Encampment overdose highlights growing substance use challenges in Regina

After 33 days, the tent encampment in front of City Hall has seen its first death.

According to the Regina Police Service, one woman died from an apparent drug overdose Wednesday morning.

Mayor Sandra Masters issued her condolences to the family and loved ones of the individual who tragically lost her life.

“Every decision we make, every partnership we facilitate, every action the city takes in response to the encampment has been focused on one goal. To prevent the loss of life, and this sadly occurred.”

Masters said the death highlights an all-too-familiar substance use disorder problem in the city.

“Addiction is a deep and complex problem in our city and in municipalities across Canada, and that requires complex answers and solutions to come forward in collaboration with other levels of government who handle health, mental health and addictions in our communities.”

From January to June, data from the Regina Police Service shows that 72 people have died due to apparent overdoses in the city through the first six months of 2023, with an additional 1,304 incidents.

“Whatever we’re doing isn’t working,” Masters said. “We continue to work with all levels of government, everything relating to addiction issues, health issues, and criminal issues for the supply the dealing of these drugs.”

She said substance use disorder also makes it hard to house some individuals.

“We know that there’s no clear, simple, one size fits all solution to solving the challenges posed by it, but we continue to try,” the Mayor said. “The notion that we can put folks with deeply problematic substance use disorder into a home by themselves is simply not realistic; it’s not safe.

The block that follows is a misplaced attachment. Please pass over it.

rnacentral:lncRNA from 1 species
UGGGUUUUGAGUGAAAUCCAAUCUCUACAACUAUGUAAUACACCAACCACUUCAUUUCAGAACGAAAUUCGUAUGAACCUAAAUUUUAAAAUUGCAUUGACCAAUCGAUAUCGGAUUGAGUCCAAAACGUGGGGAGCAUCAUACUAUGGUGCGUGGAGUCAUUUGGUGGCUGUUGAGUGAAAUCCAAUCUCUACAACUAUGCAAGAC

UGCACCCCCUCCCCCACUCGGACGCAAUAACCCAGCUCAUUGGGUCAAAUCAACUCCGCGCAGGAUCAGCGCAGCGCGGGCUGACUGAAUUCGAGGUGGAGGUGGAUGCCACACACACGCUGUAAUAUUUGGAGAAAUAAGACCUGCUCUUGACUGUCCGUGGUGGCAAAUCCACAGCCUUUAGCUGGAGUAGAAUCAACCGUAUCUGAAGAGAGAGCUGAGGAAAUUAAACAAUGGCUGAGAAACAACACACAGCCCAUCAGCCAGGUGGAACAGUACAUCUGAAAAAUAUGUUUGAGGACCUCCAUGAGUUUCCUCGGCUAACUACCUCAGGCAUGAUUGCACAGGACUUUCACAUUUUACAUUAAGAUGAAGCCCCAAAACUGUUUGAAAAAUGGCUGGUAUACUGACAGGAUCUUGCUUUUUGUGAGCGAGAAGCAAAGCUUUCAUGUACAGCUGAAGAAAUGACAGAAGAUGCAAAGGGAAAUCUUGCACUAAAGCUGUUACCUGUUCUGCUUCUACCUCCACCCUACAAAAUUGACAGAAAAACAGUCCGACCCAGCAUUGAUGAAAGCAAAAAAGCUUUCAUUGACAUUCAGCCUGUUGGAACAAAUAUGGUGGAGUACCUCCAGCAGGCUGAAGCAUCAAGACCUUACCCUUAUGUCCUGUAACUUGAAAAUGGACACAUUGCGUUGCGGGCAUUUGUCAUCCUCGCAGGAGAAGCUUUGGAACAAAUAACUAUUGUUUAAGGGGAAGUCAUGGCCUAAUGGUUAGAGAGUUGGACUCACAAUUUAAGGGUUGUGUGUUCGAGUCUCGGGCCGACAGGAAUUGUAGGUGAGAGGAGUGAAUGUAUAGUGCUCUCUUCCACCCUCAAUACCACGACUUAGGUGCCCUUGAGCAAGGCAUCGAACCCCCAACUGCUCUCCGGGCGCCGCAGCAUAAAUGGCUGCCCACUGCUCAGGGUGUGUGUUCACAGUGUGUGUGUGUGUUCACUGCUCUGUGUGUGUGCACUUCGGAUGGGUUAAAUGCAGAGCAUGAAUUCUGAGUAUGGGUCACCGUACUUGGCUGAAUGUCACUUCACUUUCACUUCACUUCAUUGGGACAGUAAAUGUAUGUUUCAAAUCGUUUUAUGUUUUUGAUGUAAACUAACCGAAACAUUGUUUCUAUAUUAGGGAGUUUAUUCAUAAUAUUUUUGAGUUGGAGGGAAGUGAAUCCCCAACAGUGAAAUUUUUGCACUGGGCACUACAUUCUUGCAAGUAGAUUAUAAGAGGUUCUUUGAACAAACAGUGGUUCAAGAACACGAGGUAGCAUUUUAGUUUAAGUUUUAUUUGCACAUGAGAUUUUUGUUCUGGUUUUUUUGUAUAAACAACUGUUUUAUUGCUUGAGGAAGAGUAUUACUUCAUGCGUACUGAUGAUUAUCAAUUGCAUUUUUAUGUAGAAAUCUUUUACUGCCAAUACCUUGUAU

Masters said another issue is that some people have declined services.

“Part of the difficulty in this situation is the Ministry of Social Services is present, but there’s been what amounts to a decline in service, so the question now is, what to do with folks who don’t want assistance with shelter, and that is essentially what we’re facing.”

Canadian courts have ruled that cities cannot clear homeless encampments without adequate shelter space available.

As for the overdose, Masters said tragically, it wasn’t a matter of if but a matter of when someone from the encampment would die of an overdose.

Alyssa Johnson, with the Rally Around Homelessness, agreed with the Mayor.

“What happened was really unfortunate, but you couldn’t say unexpected. Nobody who knows the data knows what the real number is, could say that this was unexpected.”

Johnson believes the encampment in front of city hall is still safe.

“I think it’s clear that the impact has favoured safer than an environment where there’s no support,” she said. “We have ten-plus overdoses a month in the city; I think the fact those volunteers made it more than a month it’s a testament to how much they care even when the system isn’t helping them, and everything is seemingly working against everything that they’re trying to do.

Masters said the city has been working closely with the Ministry of Social Services and community-based organizations to connect individuals with services.

She said the city would continue providing safety and wellness checks through Regina Fire and Protective Services and the Regina Police Service.

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